Once upon a time, it seemed all over-the-top articles centered on cord-cutting. But that has shifted in recent months to a belief that the TV industry is moving toward a model that combines linear TV and over-the-top video. TiVo CEO Tom Rogers said he knew it all along.

"Our view has always been that the merger of linear TV and streaming OTT is where the future of TV is," Rogers said during the company’s earnings conference call late last Tues. TiVo reported a net income of $12.5mln in 3Q, exceeding guidance of $6-8mln. That compares to a net income of $59mln last year, which included one-time litigation proceeds of $78.4mln related to its settlement with Verizon. Cable "has the ability to jump over the experiences offered by its competitors" by merging their services with OTT services, he said, adding that Netflix has "risen to the level of a ‘must have’ on the OTT side" driven by its deep library of content and quality original programs.

Others seem to agree, with Netflix’s stock price up more than 280% YTD. TiVo is teaming with Virgin Media in the UK to offer Netflix to subs through TiVo’s set-top box, following a trial that kicked off a few months ago. One obstacle of offering a Netflix-linear package in the US might be studio restrictions that limit where content on Netflix is distributed, Rogers said.

What’s the TiVo chief exec’s view on Intel Media’s OTT/virtual MSO platform, which was reportedly put on sale for $500mln? Given the cost of programming, it’s hard to provide a service that offers both streaming and linear content unless cable is a partner, he said, comments right in line with TiVo’s business plan.

During the quarter, TiVo added about 300K MSO subscriptions, up nearly 25% from the year-ago quarter. About 80% of the increase in net adds was driven by MSO providers other than Virgin, the company said. Spain’s ONO continues to rapidly deploy with TiVo. The acceleration of MSO customer growth has led to TiVo’s strongest sub addition results since it launched the cable operator business. In 4Q, expected net income is in the range of $2mln to $5mln, helped by a potential increase in MSO revenue.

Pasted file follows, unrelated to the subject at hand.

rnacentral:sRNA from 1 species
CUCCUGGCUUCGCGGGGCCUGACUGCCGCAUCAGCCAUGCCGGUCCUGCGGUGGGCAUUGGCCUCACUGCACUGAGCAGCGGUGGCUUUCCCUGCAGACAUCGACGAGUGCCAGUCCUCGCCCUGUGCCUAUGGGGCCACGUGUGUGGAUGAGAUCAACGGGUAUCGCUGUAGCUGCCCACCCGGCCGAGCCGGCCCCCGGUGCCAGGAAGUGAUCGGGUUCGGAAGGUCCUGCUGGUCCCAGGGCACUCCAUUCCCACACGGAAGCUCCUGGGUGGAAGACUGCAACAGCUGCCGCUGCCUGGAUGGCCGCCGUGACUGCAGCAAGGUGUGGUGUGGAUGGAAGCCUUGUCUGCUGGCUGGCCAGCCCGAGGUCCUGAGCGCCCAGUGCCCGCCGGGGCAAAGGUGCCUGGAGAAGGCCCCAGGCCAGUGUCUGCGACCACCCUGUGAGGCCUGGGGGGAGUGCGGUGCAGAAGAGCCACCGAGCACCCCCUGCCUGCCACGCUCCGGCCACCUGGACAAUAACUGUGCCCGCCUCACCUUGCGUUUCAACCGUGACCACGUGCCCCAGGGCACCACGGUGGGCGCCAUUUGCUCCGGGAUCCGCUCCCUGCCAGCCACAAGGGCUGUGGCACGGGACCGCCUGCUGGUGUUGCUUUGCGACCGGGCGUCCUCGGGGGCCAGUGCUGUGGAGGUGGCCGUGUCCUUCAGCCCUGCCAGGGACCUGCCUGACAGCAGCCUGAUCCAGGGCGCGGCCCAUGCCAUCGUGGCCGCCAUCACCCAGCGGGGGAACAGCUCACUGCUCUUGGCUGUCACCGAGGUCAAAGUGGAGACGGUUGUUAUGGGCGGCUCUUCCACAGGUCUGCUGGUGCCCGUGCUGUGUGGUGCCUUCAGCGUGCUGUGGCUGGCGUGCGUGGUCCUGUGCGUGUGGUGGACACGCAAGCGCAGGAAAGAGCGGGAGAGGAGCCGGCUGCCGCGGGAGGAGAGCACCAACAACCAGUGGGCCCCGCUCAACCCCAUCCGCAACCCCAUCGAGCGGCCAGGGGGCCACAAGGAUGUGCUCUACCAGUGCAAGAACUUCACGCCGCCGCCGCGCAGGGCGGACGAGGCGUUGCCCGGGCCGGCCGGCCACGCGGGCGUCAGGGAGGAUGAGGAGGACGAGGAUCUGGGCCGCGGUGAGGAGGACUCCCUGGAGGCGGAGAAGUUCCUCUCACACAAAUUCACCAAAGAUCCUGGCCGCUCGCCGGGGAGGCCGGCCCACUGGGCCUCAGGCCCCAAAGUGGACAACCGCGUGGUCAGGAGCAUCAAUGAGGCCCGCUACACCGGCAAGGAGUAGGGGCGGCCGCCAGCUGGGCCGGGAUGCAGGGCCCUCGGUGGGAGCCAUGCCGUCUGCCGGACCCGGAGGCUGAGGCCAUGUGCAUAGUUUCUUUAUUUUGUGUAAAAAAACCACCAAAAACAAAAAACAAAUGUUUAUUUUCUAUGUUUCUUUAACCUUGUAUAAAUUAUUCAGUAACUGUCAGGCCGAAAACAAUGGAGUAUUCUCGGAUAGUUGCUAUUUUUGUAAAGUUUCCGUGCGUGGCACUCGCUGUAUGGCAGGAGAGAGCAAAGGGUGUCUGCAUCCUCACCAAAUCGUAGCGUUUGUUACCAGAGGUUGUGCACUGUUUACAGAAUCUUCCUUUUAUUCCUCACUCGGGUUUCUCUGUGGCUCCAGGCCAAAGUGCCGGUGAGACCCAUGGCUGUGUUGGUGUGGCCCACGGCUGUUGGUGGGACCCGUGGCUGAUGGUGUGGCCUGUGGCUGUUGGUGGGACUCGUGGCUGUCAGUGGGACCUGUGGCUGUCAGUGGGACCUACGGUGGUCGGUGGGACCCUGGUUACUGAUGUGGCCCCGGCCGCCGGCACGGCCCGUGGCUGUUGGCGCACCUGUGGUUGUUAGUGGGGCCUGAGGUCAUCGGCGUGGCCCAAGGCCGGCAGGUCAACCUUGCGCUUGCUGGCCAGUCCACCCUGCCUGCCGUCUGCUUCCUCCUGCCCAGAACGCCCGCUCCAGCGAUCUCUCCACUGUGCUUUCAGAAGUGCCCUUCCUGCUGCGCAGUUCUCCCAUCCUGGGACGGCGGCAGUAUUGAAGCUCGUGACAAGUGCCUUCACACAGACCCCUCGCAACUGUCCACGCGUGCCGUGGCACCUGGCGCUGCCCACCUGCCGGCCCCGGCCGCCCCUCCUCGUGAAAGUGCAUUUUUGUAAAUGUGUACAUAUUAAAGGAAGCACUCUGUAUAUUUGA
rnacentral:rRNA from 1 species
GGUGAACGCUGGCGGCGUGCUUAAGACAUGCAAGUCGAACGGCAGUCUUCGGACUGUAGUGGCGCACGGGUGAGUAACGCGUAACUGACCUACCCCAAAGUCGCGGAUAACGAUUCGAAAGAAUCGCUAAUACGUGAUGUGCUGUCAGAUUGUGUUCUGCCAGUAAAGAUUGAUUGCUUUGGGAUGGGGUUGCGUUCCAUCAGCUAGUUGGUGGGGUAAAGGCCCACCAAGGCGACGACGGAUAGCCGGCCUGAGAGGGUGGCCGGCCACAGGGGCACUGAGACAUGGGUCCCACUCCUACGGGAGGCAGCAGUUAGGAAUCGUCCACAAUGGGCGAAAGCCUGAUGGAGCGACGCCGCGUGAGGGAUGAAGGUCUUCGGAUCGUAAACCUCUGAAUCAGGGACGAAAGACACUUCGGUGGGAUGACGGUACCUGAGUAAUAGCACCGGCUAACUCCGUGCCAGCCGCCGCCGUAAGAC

Meanwhile, TiVo continues to make noise at the FCC over CableCARDs. TiVo counsel met with FCC chmn Tom Wheeler’s sr counselor last week and pushed for action on its petition. It wants the agency to clarify that CableCARD rules remain in effect following a Jan decision by the DC Court of Appeals that threw out encoding rules. "We urged the Commission to act expeditiously in order to remove uncertainty… and to provide consumers and retail manufacturers with certainty that navigation devices purchased at retail will continue to receive cable signals that consumers have subscribed to," TiVo said in an ex parte.

It also told the FCC that a successor conditional access solution is needed to assure the availability of bidirectional video signals to retail devices, but that the CableCARD solution must remain in place until a new standard is ready. NCTA opposes TiVo’s petition, arguing that it’s not merely seeking to reinstate the CableCARD rules, but is asking to have the FCC impose them on only on cable operators and not their competitors. TiVo’s CableCARD-focused day at the FCC also included a summary of its arguments against Charter‘s 2-year waiver to the set-top integration ban.

EDITOR’S NOTE: This story originally appeared in CableFAX Daily. Go here to subscribe.

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